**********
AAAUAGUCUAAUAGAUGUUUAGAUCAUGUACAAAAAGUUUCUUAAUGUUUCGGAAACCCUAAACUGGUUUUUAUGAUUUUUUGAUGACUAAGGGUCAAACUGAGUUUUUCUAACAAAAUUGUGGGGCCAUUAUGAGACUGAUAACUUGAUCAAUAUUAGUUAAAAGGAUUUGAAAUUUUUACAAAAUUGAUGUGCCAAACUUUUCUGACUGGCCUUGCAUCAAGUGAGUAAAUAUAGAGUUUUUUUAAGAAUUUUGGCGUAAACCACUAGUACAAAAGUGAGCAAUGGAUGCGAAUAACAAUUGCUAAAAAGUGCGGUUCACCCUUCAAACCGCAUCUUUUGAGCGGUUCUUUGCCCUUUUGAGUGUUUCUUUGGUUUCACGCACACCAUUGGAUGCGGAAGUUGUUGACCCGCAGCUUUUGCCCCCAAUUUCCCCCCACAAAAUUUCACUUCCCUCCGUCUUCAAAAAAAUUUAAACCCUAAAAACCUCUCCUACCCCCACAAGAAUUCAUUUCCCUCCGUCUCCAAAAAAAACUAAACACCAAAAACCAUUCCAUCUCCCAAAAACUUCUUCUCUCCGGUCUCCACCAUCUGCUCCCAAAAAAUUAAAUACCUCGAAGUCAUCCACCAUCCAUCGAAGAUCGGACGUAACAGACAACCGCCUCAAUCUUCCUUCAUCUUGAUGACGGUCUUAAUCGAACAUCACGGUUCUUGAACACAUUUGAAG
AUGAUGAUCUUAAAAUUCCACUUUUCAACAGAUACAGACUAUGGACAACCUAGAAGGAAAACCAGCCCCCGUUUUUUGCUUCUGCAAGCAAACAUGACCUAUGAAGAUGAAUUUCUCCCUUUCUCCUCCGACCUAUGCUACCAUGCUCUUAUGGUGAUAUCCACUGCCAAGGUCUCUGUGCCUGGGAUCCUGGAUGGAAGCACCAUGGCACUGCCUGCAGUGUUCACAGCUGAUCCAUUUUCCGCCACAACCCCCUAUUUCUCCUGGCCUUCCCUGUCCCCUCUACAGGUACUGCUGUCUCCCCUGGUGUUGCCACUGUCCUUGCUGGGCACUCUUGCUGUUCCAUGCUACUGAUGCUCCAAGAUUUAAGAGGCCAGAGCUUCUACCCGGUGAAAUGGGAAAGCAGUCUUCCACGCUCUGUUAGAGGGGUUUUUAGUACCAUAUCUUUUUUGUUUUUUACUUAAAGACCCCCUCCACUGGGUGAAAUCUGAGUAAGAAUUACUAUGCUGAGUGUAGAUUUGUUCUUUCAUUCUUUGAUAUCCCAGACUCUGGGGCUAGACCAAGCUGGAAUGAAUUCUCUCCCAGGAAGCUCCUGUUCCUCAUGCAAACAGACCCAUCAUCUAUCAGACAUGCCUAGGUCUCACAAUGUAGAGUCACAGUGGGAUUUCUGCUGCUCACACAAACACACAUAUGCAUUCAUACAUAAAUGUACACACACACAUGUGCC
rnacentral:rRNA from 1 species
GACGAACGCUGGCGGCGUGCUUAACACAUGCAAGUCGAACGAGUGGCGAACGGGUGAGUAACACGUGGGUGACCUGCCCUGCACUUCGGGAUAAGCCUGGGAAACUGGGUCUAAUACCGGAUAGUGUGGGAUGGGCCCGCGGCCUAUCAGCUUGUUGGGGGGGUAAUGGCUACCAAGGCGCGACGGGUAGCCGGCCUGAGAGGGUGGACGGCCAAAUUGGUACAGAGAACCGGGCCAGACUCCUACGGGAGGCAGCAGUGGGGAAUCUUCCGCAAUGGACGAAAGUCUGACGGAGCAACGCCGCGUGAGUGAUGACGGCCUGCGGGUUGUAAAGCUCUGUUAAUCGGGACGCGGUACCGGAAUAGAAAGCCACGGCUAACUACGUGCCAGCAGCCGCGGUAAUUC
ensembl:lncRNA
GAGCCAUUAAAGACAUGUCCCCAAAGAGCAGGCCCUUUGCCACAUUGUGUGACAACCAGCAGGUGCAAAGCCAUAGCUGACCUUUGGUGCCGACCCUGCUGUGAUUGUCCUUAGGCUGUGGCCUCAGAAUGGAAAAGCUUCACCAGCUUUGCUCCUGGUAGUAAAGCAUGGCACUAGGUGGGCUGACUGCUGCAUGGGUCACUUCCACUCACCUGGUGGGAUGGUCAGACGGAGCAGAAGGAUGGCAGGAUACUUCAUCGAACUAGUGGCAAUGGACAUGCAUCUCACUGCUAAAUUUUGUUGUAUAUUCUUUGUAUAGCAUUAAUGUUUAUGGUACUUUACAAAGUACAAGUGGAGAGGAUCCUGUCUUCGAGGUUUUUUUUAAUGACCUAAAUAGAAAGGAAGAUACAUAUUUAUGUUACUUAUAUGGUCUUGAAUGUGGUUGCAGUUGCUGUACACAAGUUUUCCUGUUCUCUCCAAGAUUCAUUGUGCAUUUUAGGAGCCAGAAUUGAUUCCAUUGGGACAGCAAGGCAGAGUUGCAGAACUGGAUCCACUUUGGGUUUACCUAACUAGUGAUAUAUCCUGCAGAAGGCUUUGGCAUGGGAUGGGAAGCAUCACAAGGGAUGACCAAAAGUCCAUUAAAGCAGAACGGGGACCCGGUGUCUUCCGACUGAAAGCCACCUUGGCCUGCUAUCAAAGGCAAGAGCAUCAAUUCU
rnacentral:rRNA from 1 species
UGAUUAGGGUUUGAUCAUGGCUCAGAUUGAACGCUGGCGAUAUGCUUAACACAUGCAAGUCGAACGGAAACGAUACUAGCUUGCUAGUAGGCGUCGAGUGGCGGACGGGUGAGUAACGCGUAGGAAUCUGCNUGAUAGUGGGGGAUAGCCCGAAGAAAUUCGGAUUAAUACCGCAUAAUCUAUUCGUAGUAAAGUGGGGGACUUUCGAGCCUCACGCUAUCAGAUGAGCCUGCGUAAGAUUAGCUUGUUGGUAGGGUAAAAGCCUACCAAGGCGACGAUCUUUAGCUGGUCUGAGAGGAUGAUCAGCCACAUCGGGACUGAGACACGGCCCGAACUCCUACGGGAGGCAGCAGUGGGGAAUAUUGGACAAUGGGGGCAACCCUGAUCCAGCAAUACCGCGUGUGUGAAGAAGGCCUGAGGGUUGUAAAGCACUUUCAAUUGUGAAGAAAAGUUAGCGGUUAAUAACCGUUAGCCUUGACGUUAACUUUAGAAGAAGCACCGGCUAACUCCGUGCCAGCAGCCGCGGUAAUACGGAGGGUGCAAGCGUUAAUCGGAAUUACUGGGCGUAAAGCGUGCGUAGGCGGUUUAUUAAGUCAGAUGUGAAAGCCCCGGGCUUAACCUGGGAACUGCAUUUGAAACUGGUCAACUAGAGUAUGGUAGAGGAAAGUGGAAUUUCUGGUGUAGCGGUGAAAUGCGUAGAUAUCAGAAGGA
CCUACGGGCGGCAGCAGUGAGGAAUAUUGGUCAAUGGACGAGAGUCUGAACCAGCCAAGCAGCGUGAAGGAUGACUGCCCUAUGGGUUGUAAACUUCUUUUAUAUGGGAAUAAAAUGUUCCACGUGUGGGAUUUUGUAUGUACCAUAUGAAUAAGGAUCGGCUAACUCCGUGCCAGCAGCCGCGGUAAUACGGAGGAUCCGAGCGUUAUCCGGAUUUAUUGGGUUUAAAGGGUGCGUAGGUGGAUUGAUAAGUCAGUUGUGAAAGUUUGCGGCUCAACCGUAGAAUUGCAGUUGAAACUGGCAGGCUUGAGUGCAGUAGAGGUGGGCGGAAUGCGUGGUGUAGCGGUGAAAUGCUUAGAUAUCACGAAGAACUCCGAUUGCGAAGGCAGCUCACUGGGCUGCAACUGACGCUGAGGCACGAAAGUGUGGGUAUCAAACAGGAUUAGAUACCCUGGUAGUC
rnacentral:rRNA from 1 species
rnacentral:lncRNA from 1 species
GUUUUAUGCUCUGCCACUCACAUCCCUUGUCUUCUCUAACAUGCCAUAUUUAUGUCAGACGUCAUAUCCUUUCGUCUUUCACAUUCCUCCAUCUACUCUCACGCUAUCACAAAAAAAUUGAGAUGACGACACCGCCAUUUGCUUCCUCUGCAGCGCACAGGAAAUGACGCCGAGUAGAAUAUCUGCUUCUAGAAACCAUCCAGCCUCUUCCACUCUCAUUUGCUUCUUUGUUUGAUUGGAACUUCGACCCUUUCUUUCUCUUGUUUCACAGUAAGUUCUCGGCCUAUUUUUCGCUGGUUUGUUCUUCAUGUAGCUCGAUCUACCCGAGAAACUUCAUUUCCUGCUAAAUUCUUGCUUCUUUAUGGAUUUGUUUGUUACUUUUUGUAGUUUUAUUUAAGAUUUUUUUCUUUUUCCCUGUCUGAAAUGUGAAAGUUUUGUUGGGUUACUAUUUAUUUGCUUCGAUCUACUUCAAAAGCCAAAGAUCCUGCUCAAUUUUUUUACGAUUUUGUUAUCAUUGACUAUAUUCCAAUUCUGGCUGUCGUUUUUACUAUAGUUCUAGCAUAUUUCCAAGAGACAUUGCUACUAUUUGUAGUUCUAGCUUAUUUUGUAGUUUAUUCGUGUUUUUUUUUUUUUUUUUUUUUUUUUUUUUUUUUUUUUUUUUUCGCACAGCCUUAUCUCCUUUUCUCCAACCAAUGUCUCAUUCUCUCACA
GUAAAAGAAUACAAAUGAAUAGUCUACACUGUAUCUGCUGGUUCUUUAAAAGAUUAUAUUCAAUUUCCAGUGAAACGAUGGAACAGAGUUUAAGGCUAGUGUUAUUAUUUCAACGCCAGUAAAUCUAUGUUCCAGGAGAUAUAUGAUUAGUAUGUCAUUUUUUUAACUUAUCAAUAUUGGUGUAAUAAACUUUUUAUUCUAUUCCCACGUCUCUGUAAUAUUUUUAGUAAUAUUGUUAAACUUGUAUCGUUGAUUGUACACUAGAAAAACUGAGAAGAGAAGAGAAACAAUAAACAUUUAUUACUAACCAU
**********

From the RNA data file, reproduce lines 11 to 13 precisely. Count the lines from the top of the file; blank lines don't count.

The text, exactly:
rnacentral:lncRNA from 1 species
GUUUUAUGCUCUGCCACUCACAUCCCUUGUCUUCUCUAACAUGCCAUAUUUAUGUCAGACGUCAUAUCCUUUCGUCUUUCACAUUCCUCCAUCUACUCUCACGCUAUCACAAAAAAAUUGAGAUGACGACACCGCCAUUUGCUUCCUCUGCAGCGCACAGGAAAUGACGCCGAGUAGAAUAUCUGCUUCUAGAAACCAUCCAGCCUCUUCCACUCUCAUUUGCUUCUUUGUUUGAUUGGAACUUCGACCCUUUCUUUCUCUUGUUUCACAGUAAGUUCUCGGCCUAUUUUUCGCUGGUUUGUUCUUCAUGUAGCUCGAUCUACCCGAGAAACUUCAUUUCCUGCUAAAUUCUUGCUUCUUUAUGGAUUUGUUUGUUACUUUUUGUAGUUUUAUUUAAGAUUUUUUUCUUUUUCCCUGUCUGAAAUGUGAAAGUUUUGUUGGGUUACUAUUUAUUUGCUUCGAUCUACUUCAAAAGCCAAAGAUCCUGCUCAAUUUUUUUACGAUUUUGUUAUCAUUGACUAUAUUCCAAUUCUGGCUGUCGUUUUUACUAUAGUUCUAGCAUAUUUCCAAGAGACAUUGCUACUAUUUGUAGUUCUAGCUUAUUUUGUAGUUUAUUCGUGUUUUUUUUUUUUUUUUUUUUUUUUUUUUUUUUUUUUUUUUUUCGCACAGCCUUAUCUCCUUUUCUCCAACCAAUGUCUCAUUCUCUCACA
GUAAAAGAAUACAAAUGAAUAGUCUACACUGUAUCUGCUGGUUCUUUAAAAGAUUAUAUUCAAUUUCCAGUGAAACGAUGGAACAGAGUUUAAGGCUAGUGUUAUUAUUUCAACGCCAGUAAAUCUAUGUUCCAGGAGAUAUAUGAUUAGUAUGUCAUUUUUUUAACUUAUCAAUAUUGGUGUAAUAAACUUUUUAUUCUAUUCCCACGUCUCUGUAAUAUUUUUAGUAAUAUUGUUAAACUUGUAUCGUUGAUUGUACACUAGAAAAACUGAGAAGAGAAGAGAAACAAUAAACAUUUAUUACUAACCAU